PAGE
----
With home-ownership rates collapsing and the likelihood of 'wealth taxes' potentially weighing on even the oligarchs and 1%-ers willingness to throw cash at US housing, we thought the following rusting hulks of a bye-gone era in a strorage yard deep in Middle America summed it all up...
As was reported earlier, the Turkish premier, embroiled in what increasingly appears a career terminating corruption and embezzlement scandal (it is not exactly clear yet just how involved the CIA is in this particular upcoming government overthrow), blocked Turkey's access to Twitter last night, hours after vowing to "destroy twitter." The idiocy of this escalation against dissemination of information in the internet age needs no comment. Well maybe one. This is what we said in our post from this morning: "since Turkey will certainly not stop at just Twitter, here is what is coming next: "Last week, Erdogan said the country could also block Facebook and YouTube." It now appears that at least half of this threat is about to materialize because moments ago Google just announced that it would not remove a previously uploaded video, one in which Erdogan tells his son to hide money from investigators (one which can be seen here), and which Erdogan demanded be pulled from Google (seemingly unaware that by doing so he simply made sure that everyone saw it). This means that within days, if not hours, Turkey will likely block Google-owned YouTube, if not Google itself.
A month ago we presented a must read interview by Swiss Finanz und Wirtschaft with respected value investor Howard Marks, in which, when explaining the motives driving rational investing he summarized simply, "in the end, the devil always wins." Today, we are happy to bring our readers the following interview with one of our favorite strategists, GMO's James Montier, in which true to form, Montier packs no punches, and says that the market is now overvalued by 50% to 70%, adding that there is "nothing at all" that has an attractive valuation, and that he sees a "hideous opportunity set."
In the 16 months since Japanese Prime Minister Shinzo Abe launched his bold plan to reflate Japan’s shrinking economy the yen has depreciated by 22% against the dollar, 28% against the euro and 24% against the renminbi. The hope was to stimulate trade and push the current account decisively into the black. Yet the reverse has occurred. Japan’s external position has worsened due to anemic export growth and a spiraling energy import bill: in January it recorded a record monthly trade deficit of ¥2.8trn ($27.4bn). Having eked out a 0.7% current account surplus in 2013, Japan may this year swing into deficit for the first time since 1980. So why is the medicine not working?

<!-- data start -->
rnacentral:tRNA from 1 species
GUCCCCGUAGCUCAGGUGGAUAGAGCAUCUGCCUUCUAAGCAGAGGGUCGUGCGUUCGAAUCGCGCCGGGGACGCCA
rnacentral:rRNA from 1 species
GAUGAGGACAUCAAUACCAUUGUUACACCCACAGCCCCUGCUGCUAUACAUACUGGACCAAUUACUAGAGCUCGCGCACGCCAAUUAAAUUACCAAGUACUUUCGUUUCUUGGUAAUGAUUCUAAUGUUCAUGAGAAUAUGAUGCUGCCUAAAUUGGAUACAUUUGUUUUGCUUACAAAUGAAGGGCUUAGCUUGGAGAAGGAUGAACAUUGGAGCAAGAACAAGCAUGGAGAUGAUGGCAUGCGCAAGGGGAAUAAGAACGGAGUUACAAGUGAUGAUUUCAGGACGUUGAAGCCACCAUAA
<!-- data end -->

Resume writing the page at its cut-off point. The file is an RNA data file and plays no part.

Look who is warning us again about the great harm conspiracy theories are doing to the minds of impressionable citizens everywhere: Cass Sunstein has emerged at Bloomberg, to once again plead for 'correction' of the many conspiracy theories that are disseminated on that pesky new medium, the intertubes, seemingly without inhibition. Contrary to the infamous paper in which he described how to precisely combat the spreading of false information that lacks the government's seal of approval, he doesn't list his favored censorship and disinformation techniques outright this time, but it is certainly implied that 'something must be done'. Mr. Sunstein's concern with 'conspiracy theories' is all about preserving the State's perceived right to rule by letting nothing intrude on the notion that politicians and bureaucrats are 'disembodied spirits solely devoted to the public good' rather than people who pursue their own personal interests.
Despite the total collapse (flattening) in the Treasury yield curve in the last 2 days, Citi's FX Technicals group is convinced that we have seen a turn in fixed income that will see significantly higher yields in the years ahead and notably higher yields by this yearend also. Furthermore, they believe this will initially come from the belief in a continued taper, and the curve will initially steepen (2’s versus 5’s and 2’s versus 10’s). This normalization, they add, will be a good thing - QE encourages misallocation of capital and poor business decisions which has a negative feedback loop into the economy - but add (as long as yields do not go too far too fast like last year).